MPLS: Layer 3 VPNs Configuration Guide, Cisco IOS XE Release 3S (Cisco ASR 1000)
MPLS over GRE
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MPLS over GRE

MPLS over GRE

The MPLS over GRE feature provides a mechanism for tunneling Multiprotocol Label Switching (MPLS) packets over a non-MPLS network. This feature utilizes MPLS over generic routing encapsulation (MPLSoGRE) to encapsulate MPLS packets inside IP tunnels. The encapsulation of MPLS packets inside IP tunnels creates a virtual point-to-point link across non-MPLS networks.

Finding Feature Information

Your software release may not support all the features documented in this module. For the latest caveats and feature information, see Bug Search Tool and the release notes for your platform and software release. To find information about the features documented in this module, and to see a list of the releases in which each feature is supported, see the feature information table at the end of this module.

Use Cisco Feature Navigator to find information about platform support and Cisco software image support. To access Cisco Feature Navigator, go to www.cisco.com/​go/​cfn. An account on Cisco.com is not required.

Prerequisites for MPLS VPN L3VPN over GRE

  • Ensure that your Multiprotocol Label Switching (MPLS) virtual private network (VPN) is configured and working properly.
  • For PE-to-PE tunneling, configure tunnels with the same source address if you are running a release earlier than Cisco IOS Release 15.2(1)S.
  • For PE-to-PE tunneling, configure tunnels with the same destination address.
  • Ensure that the following routing protocols are configured and working properly:
    • Label Distribution Protocol (LDP)—for MPLS label distribution.
    • Multiprotocol Border Gateway Protocol (MP-BGP)—for VPN route and label distribution.

Restrictions for MPLS VPN 3VPN over GRE

The MPLS VPN L3VPN over GRE feature does not support the following:

  • Quality of service (QoS) service policies that are configured on the tunnel interface; they are supported on the physical or subinterface.
  • GRE options: sequencing, checksum, and source route.
  • IPv6 generic routing encapsulation (GRE).
  • Advanced features such as Carrier Supporting Carrier (CSC) and Interautonomous System (Inter-AS).

Information About MPLS VPN L3VPN over GRE

Overview of MPLS VPN L3VPN over GRE

The MPLS VPN L3VPN over GRE feature provides a mechanism for tunneling Multiprotocol Label Switching (MPLS) packets over non-MPLS networks. This feature allows you to create a generic routing encapsulation (GRE) tunnel across a non-MPLS network. The MPLS packets are encapsulated within the GRE tunnel packets, and the encapsulated packets traverse the non-MPLS network through the GRE tunnel. When GRE tunnel packets are received at the other side of the non-MPLS network, the GRE tunnel packet header is removed and the inner MPLS packet is forwarded to its final destination.

PE-to-PE Tunneling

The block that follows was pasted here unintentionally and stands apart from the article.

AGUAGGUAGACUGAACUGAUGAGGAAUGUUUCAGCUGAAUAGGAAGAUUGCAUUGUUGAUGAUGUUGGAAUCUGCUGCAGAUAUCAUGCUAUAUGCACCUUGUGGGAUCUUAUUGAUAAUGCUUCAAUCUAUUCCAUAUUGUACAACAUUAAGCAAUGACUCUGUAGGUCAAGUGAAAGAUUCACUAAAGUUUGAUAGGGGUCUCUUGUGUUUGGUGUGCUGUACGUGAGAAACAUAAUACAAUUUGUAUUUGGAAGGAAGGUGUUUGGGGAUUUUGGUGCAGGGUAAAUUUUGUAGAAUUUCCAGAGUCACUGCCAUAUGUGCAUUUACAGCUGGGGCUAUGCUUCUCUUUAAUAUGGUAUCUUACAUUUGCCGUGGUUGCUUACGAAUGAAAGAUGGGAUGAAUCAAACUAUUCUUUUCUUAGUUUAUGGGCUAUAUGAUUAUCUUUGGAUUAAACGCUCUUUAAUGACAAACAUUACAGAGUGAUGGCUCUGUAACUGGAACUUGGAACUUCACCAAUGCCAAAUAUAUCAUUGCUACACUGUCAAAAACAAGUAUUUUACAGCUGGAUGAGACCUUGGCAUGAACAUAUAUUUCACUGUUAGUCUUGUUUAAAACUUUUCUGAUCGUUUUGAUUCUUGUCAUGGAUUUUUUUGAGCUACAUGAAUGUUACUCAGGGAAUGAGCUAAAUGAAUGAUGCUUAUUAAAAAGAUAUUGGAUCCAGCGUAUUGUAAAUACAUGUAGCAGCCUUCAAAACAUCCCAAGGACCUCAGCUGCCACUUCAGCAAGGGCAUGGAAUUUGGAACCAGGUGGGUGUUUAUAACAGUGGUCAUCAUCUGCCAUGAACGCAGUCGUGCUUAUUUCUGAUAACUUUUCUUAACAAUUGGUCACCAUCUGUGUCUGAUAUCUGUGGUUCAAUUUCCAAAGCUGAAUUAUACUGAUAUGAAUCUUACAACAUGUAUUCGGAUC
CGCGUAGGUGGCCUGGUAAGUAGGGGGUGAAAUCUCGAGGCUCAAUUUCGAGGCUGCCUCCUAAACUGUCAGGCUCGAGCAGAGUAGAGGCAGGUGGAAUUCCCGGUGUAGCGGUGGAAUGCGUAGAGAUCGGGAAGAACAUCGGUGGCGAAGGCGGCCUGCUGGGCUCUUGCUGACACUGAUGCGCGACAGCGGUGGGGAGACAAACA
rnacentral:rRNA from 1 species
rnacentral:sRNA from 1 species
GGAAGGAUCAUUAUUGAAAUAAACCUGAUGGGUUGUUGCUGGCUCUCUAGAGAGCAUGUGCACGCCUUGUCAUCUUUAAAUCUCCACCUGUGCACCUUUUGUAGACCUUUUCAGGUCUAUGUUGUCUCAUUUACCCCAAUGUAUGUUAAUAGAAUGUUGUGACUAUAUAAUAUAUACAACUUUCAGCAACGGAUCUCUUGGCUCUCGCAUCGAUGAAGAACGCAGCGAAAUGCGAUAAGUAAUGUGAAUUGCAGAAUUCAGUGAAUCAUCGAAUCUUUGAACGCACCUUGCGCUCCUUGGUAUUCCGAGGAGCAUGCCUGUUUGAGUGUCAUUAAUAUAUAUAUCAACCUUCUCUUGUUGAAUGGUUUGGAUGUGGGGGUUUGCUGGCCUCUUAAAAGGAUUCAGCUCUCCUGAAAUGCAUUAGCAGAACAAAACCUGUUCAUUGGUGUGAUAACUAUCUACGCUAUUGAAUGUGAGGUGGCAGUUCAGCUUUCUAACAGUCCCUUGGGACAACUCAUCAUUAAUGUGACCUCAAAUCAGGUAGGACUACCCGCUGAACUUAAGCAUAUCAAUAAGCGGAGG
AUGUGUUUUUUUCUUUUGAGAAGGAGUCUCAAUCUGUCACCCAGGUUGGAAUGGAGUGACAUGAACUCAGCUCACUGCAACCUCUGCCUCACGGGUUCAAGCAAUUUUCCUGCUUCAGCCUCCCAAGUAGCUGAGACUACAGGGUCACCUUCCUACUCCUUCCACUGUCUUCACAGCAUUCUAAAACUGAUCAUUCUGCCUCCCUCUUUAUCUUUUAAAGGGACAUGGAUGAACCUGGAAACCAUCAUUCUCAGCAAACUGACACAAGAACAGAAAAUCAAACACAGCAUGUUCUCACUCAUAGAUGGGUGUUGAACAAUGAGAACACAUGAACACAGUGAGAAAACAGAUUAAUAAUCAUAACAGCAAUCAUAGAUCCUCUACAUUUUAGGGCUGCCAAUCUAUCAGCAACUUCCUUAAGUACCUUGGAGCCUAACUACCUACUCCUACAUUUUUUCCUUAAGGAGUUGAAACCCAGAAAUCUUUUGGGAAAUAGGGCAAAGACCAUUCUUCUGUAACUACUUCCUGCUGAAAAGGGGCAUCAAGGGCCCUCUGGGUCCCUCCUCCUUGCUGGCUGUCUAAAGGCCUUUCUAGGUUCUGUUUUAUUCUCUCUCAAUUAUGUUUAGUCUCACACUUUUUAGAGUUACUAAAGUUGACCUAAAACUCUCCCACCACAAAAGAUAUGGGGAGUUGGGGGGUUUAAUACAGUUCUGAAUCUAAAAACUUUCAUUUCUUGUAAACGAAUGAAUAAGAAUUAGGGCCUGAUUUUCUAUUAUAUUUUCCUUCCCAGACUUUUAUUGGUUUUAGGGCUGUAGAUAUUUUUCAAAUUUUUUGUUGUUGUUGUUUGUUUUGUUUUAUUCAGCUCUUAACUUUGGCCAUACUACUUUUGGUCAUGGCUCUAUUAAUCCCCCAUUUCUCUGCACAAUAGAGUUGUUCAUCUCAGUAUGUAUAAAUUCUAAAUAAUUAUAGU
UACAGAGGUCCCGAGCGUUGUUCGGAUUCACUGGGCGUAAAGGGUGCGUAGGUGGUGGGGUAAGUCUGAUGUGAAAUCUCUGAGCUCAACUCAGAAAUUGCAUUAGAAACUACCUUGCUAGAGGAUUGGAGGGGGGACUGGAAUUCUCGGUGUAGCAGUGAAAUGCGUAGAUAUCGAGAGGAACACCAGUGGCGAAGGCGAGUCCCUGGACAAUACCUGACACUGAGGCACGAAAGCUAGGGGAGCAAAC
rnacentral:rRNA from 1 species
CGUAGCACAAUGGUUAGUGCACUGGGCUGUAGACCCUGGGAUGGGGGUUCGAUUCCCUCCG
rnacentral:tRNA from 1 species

The provider-edge-to-provider-edge (PE-to-PE) tunneling configuration provides a scalable way to connect multiple customer networks across a non-MPLS network. With this configuration, traffic that is destined to multiple customer networks is multiplexed through a single generic routing encapsulation (GRE) tunnel.


Note


A similar nonscalable alternative is to connect each customer network through separate GRE tunnels (for example, connecting one customer network to each GRE tunnel).


As shown in the figure below, the PE devices assign virtual routing and forwarding (VRF) numbers to the customer edge (CE) devices on each side of the non-MPLS network.

The PE devices use routing protocols such as Border Gateway Protocol (BGP), Open Shortest Path First (OSPF), or Routing Information Protocol (RIP) to learn about the IP networks behind the CE devices. The routes to the IP networks behind the CE devices are stored in the associated CE device’s VRF routing table.

The PE device on one side of the non-MPLS network uses the routing protocols (that operate within the non-MPLS network) to learn about the PE device on the other side of the non-MPLS network. The learned routes that are established between the PE devices are then stored in the main or default routing table.

The opposing PE device uses BGP to learn about the routes that are associated with the customer networks that are behind the PE devices. These learned routes are not known to the non-MPLS network.

The following figure shows BGP defining a static route to the BGP neighbor (the opposing PE device) through the GRE tunnel that spans the non-MPLS network. Because routes that are learned by the BGP neighbor include the GRE tunnel next hop, all customer network traffic is sent using the GRE tunnel.

Figure 1. PE-to-PE Tunneling

P-to-PE Tunneling

As shown in the figure below, the provider-to-provider-edge (P-to-PE) tunneling configuration provides a way to connect a PE device (P1) to a Multiprotocol Label Switching (MPLS) segment (PE-2) across a non-MPLS network. In this configuration, MPLS traffic that is destined to the other side of the non-MPLS network is sent through a single generic routing encapsulation (GRE) tunnel.

Figure 2. P-to-PE Tunneling

P-to-P Tunneling

As shown in the figure below, the provider-to-provider (P-to-P) configuration provides a method of connecting two Multiprotocol Label Switching (MPLS) segments (P1 to P2) across a non-MPLS network. In this configuration, MPLS traffic that is destined to the other side of the non-MPLS network is sent through a single generic routing encapsulation (GRE) tunnel.

Figure 3. P-to-P Tunneling

How to Configure MPLS VPN L3VPN over GRE

Configuring the MPLS over GRE Tunnel Interface

To configure the MPLS over GRE feature, you must create a generic routing encapsulation (GRE) tunnel to span the non-MPLS networks. You must perform the following procedure on the devices located at both ends of the GRE tunnel.

SUMMARY STEPS

    1.    enable

    2.    configure terminal

    3.    interface tunnel tunnel-number

    4.    ip address ip-address mask

    5.    tunnel source source-address

    6.    tunnel destination destination-address

    7.    mpls ip

    8.    end


DETAILED STEPS